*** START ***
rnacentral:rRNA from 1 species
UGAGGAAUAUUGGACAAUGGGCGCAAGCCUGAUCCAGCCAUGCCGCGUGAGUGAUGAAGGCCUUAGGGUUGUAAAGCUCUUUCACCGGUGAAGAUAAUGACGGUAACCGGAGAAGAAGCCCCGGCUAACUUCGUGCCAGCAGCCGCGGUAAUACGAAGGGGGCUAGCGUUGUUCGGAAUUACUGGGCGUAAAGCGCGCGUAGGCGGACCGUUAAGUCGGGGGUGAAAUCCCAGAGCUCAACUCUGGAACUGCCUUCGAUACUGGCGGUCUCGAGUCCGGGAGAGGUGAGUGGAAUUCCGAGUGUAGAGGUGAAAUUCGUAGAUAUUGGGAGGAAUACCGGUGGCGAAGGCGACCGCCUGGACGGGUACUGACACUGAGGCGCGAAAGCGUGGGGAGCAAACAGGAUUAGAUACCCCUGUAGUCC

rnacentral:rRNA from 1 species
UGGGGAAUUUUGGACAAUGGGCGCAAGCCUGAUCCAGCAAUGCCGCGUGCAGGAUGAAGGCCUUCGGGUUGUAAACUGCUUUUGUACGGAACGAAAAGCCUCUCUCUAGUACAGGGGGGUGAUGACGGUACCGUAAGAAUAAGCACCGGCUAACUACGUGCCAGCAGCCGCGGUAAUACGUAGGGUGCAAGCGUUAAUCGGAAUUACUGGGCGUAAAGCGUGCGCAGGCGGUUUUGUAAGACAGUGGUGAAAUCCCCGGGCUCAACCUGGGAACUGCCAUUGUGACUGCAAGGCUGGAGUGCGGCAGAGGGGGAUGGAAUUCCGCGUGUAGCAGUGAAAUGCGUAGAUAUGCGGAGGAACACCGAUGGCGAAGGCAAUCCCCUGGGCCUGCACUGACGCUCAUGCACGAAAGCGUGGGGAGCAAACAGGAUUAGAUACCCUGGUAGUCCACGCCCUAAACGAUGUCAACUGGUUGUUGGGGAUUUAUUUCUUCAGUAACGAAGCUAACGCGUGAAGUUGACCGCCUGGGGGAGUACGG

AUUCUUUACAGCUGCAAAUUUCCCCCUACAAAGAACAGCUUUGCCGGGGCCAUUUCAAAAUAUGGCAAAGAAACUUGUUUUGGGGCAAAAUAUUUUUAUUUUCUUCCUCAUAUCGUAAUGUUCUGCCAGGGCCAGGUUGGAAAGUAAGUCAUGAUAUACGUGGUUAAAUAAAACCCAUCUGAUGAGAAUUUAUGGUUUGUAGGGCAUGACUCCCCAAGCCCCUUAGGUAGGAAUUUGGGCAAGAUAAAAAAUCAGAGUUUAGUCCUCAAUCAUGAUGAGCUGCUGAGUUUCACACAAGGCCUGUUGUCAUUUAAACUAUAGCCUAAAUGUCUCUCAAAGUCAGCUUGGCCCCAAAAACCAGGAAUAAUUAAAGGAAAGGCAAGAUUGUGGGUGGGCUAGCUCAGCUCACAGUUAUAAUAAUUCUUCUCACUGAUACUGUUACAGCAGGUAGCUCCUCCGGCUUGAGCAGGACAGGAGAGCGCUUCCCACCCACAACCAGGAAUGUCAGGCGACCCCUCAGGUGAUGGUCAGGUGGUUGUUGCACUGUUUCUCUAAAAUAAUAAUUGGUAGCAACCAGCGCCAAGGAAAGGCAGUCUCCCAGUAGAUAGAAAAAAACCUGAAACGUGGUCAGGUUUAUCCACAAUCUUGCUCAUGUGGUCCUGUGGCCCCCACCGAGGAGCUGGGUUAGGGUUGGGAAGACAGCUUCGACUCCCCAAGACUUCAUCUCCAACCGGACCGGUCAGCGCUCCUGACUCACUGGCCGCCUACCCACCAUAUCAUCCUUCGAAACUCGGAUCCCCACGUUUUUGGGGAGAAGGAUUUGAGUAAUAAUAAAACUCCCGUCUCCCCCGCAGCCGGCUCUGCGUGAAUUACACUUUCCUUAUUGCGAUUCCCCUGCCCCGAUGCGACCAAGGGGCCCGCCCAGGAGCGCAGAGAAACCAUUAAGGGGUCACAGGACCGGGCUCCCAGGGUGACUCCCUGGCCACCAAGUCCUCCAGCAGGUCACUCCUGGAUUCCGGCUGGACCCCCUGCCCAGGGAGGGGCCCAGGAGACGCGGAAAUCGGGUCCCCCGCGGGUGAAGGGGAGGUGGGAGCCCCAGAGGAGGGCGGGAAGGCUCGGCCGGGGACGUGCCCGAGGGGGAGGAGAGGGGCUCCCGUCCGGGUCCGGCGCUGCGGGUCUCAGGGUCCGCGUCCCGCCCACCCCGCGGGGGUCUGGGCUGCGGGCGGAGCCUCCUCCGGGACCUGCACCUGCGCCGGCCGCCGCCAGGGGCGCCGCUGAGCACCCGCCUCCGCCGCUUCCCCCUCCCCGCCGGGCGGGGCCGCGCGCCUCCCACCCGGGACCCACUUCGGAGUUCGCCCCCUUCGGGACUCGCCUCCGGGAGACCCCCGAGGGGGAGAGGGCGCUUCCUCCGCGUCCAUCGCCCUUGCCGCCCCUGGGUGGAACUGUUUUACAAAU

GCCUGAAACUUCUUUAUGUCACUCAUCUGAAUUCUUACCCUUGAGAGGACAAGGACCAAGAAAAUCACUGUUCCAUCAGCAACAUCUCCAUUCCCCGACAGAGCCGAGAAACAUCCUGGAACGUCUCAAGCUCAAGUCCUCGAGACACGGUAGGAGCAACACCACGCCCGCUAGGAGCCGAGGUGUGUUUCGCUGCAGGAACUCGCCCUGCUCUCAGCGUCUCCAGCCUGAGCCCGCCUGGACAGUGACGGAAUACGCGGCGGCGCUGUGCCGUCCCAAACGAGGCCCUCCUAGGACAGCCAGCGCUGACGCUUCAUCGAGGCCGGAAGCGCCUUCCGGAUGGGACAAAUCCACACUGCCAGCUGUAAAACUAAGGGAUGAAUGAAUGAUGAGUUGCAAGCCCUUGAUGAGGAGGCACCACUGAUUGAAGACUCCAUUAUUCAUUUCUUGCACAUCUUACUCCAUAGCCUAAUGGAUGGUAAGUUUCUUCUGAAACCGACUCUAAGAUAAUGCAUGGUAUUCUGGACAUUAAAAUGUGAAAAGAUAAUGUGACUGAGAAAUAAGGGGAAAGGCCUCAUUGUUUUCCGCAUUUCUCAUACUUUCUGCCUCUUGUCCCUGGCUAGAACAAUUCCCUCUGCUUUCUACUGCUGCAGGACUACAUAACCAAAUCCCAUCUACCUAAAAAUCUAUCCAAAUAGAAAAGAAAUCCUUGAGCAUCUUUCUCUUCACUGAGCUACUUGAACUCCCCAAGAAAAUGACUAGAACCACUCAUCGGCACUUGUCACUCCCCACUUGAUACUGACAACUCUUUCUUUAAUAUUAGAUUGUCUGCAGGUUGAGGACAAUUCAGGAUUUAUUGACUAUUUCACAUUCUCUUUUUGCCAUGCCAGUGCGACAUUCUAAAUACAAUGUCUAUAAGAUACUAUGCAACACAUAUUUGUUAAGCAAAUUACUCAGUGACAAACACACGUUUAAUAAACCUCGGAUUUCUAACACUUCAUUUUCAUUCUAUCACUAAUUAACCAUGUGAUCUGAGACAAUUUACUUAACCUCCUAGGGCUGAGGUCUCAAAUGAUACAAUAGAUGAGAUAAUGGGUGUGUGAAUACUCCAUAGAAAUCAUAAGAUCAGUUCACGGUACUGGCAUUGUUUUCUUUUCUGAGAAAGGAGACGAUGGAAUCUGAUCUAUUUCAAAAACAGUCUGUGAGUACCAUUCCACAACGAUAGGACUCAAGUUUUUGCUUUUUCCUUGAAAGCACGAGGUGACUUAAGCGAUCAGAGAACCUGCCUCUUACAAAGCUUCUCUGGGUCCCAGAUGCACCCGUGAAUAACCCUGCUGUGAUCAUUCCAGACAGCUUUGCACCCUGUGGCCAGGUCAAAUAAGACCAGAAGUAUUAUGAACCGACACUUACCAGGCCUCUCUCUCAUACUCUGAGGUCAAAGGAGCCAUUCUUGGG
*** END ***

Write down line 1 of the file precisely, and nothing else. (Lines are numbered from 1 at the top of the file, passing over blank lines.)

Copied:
rnacentral:rRNA from 1 species